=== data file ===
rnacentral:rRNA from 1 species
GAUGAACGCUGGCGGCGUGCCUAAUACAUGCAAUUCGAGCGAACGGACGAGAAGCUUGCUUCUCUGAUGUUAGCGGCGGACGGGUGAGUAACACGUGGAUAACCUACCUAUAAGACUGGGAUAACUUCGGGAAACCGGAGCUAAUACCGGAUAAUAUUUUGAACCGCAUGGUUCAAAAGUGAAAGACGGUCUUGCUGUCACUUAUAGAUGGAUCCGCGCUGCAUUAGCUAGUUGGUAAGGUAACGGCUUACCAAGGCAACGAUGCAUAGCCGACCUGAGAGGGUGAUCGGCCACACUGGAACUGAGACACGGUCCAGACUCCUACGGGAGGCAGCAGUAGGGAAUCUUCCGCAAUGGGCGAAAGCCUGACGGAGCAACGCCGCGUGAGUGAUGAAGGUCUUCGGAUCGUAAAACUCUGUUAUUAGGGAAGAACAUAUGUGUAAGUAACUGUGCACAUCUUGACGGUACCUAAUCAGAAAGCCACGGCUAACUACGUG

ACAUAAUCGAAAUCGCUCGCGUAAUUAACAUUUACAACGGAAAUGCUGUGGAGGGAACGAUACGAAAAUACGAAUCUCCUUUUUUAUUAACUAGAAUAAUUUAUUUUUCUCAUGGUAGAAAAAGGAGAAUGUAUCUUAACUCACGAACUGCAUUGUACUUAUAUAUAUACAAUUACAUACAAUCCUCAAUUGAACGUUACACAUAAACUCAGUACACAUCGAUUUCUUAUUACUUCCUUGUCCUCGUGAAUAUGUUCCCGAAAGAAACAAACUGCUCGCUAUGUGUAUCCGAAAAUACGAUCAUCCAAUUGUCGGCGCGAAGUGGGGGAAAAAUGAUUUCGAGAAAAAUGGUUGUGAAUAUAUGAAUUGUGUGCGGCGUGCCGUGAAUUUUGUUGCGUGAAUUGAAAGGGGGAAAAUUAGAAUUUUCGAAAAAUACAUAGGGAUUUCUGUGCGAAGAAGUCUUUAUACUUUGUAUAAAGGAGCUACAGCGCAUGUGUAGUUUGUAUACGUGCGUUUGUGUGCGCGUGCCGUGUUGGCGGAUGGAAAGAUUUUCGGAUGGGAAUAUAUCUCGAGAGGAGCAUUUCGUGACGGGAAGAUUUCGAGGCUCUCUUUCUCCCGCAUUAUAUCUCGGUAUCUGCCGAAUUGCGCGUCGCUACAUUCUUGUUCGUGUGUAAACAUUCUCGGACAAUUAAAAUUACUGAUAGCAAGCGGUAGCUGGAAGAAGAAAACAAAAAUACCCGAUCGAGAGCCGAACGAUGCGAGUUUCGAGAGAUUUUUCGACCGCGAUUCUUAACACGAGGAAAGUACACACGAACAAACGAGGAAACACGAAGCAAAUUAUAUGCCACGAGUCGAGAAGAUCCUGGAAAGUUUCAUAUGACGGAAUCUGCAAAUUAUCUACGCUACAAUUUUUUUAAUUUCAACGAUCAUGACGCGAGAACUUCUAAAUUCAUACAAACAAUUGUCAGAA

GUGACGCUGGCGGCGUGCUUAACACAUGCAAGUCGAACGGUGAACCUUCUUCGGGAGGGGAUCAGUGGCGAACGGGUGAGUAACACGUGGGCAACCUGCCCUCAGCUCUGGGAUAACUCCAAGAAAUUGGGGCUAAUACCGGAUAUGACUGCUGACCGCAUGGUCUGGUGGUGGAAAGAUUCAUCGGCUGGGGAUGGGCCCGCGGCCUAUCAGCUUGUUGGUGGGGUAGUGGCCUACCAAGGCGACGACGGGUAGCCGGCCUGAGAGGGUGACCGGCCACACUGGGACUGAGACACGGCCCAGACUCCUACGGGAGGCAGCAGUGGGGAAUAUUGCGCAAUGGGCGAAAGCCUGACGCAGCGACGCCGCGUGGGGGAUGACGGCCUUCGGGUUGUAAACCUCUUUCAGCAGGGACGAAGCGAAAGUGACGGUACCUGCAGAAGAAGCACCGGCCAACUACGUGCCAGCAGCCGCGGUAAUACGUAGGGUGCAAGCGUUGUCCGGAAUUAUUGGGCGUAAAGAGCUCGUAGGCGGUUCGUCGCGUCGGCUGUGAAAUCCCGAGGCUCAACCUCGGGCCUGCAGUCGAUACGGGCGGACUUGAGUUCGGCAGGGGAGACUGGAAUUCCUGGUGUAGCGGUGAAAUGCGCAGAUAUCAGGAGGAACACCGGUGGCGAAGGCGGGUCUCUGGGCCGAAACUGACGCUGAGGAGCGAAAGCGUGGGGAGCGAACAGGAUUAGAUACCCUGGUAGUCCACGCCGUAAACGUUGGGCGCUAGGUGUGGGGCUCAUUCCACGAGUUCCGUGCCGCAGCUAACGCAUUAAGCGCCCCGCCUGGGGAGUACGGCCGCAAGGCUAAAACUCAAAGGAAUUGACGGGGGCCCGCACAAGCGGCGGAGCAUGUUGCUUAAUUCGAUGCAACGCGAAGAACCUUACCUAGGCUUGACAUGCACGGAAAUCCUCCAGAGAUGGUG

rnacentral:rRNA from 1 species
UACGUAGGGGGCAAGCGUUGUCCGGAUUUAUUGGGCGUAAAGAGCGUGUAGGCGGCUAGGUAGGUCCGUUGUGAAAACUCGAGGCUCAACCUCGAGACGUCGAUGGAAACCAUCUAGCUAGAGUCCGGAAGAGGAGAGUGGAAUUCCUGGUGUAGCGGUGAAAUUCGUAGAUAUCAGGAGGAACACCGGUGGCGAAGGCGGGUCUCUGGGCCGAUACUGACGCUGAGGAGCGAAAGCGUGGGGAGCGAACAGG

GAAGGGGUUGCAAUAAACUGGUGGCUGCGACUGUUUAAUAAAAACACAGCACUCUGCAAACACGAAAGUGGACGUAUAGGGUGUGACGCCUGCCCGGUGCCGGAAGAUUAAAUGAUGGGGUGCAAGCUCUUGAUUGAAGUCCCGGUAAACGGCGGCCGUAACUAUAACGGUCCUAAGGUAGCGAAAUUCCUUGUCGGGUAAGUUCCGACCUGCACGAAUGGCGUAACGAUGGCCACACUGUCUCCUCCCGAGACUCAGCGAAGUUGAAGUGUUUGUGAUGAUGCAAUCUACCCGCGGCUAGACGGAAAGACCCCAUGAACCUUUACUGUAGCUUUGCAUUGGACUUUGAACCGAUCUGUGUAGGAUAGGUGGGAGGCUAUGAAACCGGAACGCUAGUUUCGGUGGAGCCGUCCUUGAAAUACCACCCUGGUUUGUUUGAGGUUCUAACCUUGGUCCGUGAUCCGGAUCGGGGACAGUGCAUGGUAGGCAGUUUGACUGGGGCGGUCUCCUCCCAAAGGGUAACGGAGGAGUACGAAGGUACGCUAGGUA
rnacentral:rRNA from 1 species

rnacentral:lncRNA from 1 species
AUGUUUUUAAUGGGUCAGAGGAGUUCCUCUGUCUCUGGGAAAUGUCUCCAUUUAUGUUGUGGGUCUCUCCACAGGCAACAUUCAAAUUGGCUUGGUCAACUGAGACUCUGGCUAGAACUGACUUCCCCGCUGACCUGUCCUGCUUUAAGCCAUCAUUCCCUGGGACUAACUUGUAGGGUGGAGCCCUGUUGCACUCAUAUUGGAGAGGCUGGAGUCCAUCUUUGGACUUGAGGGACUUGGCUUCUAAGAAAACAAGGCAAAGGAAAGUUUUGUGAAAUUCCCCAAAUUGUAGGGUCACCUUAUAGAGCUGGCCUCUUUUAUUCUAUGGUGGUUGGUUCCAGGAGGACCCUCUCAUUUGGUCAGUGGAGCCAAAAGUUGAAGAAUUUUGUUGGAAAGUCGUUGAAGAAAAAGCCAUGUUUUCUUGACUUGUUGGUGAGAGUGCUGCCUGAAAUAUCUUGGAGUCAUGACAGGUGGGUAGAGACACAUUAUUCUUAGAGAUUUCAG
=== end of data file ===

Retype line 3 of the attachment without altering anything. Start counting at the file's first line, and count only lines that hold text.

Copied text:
ACAUAAUCGAAAUCGCUCGCGUAAUUAACAUUUACAACGGAAAUGCUGUGGAGGGAACGAUACGAAAAUACGAAUCUCCUUUUUUAUUAACUAGAAUAAUUUAUUUUUCUCAUGGUAGAAAAAGGAGAAUGUAUCUUAACUCACGAACUGCAUUGUACUUAUAUAUAUACAAUUACAUACAAUCCUCAAUUGAACGUUACACAUAAACUCAGUACACAUCGAUUUCUUAUUACUUCCUUGUCCUCGUGAAUAUGUUCCCGAAAGAAACAAACUGCUCGCUAUGUGUAUCCGAAAAUACGAUCAUCCAAUUGUCGGCGCGAAGUGGGGGAAAAAUGAUUUCGAGAAAAAUGGUUGUGAAUAUAUGAAUUGUGUGCGGCGUGCCGUGAAUUUUGUUGCGUGAAUUGAAAGGGGGAAAAUUAGAAUUUUCGAAAAAUACAUAGGGAUUUCUGUGCGAAGAAGUCUUUAUACUUUGUAUAAAGGAGCUACAGCGCAUGUGUAGUUUGUAUACGUGCGUUUGUGUGCGCGUGCCGUGUUGGCGGAUGGAAAGAUUUUCGGAUGGGAAUAUAUCUCGAGAGGAGCAUUUCGUGACGGGAAGAUUUCGAGGCUCUCUUUCUCCCGCAUUAUAUCUCGGUAUCUGCCGAAUUGCGCGUCGCUACAUUCUUGUUCGUGUGUAAACAUUCUCGGACAAUUAAAAUUACUGAUAGCAAGCGGUAGCUGGAAGAAGAAAACAAAAAUACCCGAUCGAGAGCCGAACGAUGCGAGUUUCGAGAGAUUUUUCGACCGCGAUUCUUAACACGAGGAAAGUACACACGAACAAACGAGGAAACACGAAGCAAAUUAUAUGCCACGAGUCGAGAAGAUCCUGGAAAGUUUCAUAUGACGGAAUCUGCAAAUUAUCUACGCUACAAUUUUUUUAAUUUCAACGAUCAUGACGCGAGAACUUCUAAAUUCAUACAAACAAUUGUCAGAA